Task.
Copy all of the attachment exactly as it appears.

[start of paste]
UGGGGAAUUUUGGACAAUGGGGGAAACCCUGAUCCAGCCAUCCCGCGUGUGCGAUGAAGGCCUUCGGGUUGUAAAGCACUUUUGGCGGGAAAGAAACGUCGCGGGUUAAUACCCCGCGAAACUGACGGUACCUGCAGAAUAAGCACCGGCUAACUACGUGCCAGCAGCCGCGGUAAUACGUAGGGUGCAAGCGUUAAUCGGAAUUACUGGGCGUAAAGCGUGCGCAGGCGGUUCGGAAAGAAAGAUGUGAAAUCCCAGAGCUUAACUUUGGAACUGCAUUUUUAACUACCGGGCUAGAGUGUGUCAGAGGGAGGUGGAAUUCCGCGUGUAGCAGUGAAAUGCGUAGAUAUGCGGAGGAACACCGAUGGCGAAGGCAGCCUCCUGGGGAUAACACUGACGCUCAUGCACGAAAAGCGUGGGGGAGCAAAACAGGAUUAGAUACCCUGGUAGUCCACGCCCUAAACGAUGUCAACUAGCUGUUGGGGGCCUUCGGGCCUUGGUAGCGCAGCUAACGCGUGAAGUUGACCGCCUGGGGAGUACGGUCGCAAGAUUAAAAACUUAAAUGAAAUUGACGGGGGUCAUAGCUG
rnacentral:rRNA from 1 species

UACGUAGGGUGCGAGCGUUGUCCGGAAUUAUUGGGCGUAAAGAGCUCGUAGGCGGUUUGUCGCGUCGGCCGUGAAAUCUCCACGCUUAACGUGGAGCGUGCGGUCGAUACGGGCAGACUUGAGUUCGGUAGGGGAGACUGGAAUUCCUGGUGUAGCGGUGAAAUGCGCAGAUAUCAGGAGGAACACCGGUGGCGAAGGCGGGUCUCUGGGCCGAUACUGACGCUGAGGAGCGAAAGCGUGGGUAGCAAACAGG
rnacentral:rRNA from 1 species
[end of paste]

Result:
UGGGGAAUUUUGGACAAUGGGGGAAACCCUGAUCCAGCCAUCCCGCGUGUGCGAUGAAGGCCUUCGGGUUGUAAAGCACUUUUGGCGGGAAAGAAACGUCGCGGGUUAAUACCCCGCGAAACUGACGGUACCUGCAGAAUAAGCACCGGCUAACUACGUGCCAGCAGCCGCGGUAAUACGUAGGGUGCAAGCGUUAAUCGGAAUUACUGGGCGUAAAGCGUGCGCAGGCGGUUCGGAAAGAAAGAUGUGAAAUCCCAGAGCUUAACUUUGGAACUGCAUUUUUAACUACCGGGCUAGAGUGUGUCAGAGGGAGGUGGAAUUCCGCGUGUAGCAGUGAAAUGCGUAGAUAUGCGGAGGAACACCGAUGGCGAAGGCAGCCUCCUGGGGAUAACACUGACGCUCAUGCACGAAAAGCGUGGGGGAGCAAAACAGGAUUAGAUACCCUGGUAGUCCACGCCCUAAACGAUGUCAACUAGCUGUUGGGGGCCUUCGGGCCUUGGUAGCGCAGCUAACGCGUGAAGUUGACCGCCUGGGGAGUACGGUCGCAAGAUUAAAAACUUAAAUGAAAUUGACGGGGGUCAUAGCUG
rnacentral:rRNA from 1 species

UACGUAGGGUGCGAGCGUUGUCCGGAAUUAUUGGGCGUAAAGAGCUCGUAGGCGGUUUGUCGCGUCGGCCGUGAAAUCUCCACGCUUAACGUGGAGCGUGCGGUCGAUACGGGCAGACUUGAGUUCGGUAGGGGAGACUGGAAUUCCUGGUGUAGCGGUGAAAUGCGCAGAUAUCAGGAGGAACACCGGUGGCGAAGGCGGGUCUCUGGGCCGAUACUGACGCUGAGGAGCGAAAGCGUGGGUAGCAAACAGG
rnacentral:rRNA from 1 species